dc.description.abstract<table><tr><td colspan="2" class="item-title">Impact of Lactation Consultant and Peer Counselor Team Interventions on Exclusive Breastfeeding Rates among Adolescent Mothers</td></tr><tr class="item-sponsor"><td class="label">Conference Sponsor:</td><td class="value">Sigma Theta Tau International</td></tr><tr class="item-year"><td class="label">Conference Year:</td><td class="value">2008</td></tr><tr class="item-author"><td class="label">Author:</td><td class="value">Rojjanasrirat, Wilaiporn, PhD, RNC, IBCLC</td></tr><tr class="item-institute"><td class="label">P.I. Institution Name:</td><td class="value">University of Kansas</td></tr><tr class="item-author-title"><td class="label">Title:</td><td class="value">Clinical Assistant Professor</td></tr><tr class="item-email"><td class="label">Email:</td><td class="value">wrojjanasrirat@kumc.edu</td></tr><tr class="item-co-authors"><td class="label">Co-Authors:</td><td class="value">Karen A. Wambach, PhD, RN; Hung-Wen Yeh, PhD</td></tr><tr><td colspan="2" class="item-abstract">[Research Paper or Poster Presentation] The purpose of this sub-analysis was to assess the impact of interventions of a lactation consultant and peer counselor team on exclusive breastfeeding rates among adolescent mothers enrolled in a RCT to promote and support breastfeeding decision-making, initiation and duration. The theory of planned behavior and adolescent decision-making theoretical principles guided the study. Pregnant adolescents (N=315), ages 15-18, were recruited from multiple urban prenatal clinics and school settings in the Midwest, US and randomly assigned to an experimental and two control groups. A lactation consultant-peer counselor team was used to influence pregnant adolescents' prenatal beliefs and intentions to breastfeed and to support maintenance of breastfeeding through four weeks postpartum. Breastfeeding rates were collected at hospital discharge, three weeks, six weeks, three months, and six months postpartum. Logistic regression and survival analysis were used to determine the impact of interventions and association between theoretical variables and exclusive breastfeeding. The overall breastfeeding initiation rate was 69.5% (n = 201) across all study groups. Primary results of the RCT indicated the initiation of breastfeeding in the experimental group was significantly higher than the two control groups (P &lt; 0.05) and breastfeeding duration was longer (P &lt; 0.001). For this sub-analysis the experimental group subjects exhibited a greater likelihood of exclusive breastfeeding compared to control group subjects from hospital discharge to six months, but differences were not statistically significance. Log-rank tests also revealed non-significant differences between groups in the duration of exclusive breastfeeding. Although the intervention enhanced the initiation and continuation of overall breastfeeding, low power due to decreasing numbers of breastfeeding subjects over time prohibited us from finding significant differences in exclusive breastfeeding rates. Determining the effectiveness of more intense breastfeeding education and support during the first few weeks postpartum on exclusive breastfeeding is needed and requires further investigation in a larger study.</td></tr></table>en_GB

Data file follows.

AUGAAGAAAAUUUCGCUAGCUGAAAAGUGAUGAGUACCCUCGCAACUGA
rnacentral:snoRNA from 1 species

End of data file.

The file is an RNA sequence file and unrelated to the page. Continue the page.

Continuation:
dc.date.available2011-10-26T12:45:22Z-
dc.date.issued2011-10-17en_GB
dc.date.accessioned2011-10-26T12:45:22Z-
dc.description.sponsorshipSigma Theta Tau Internationalen_GB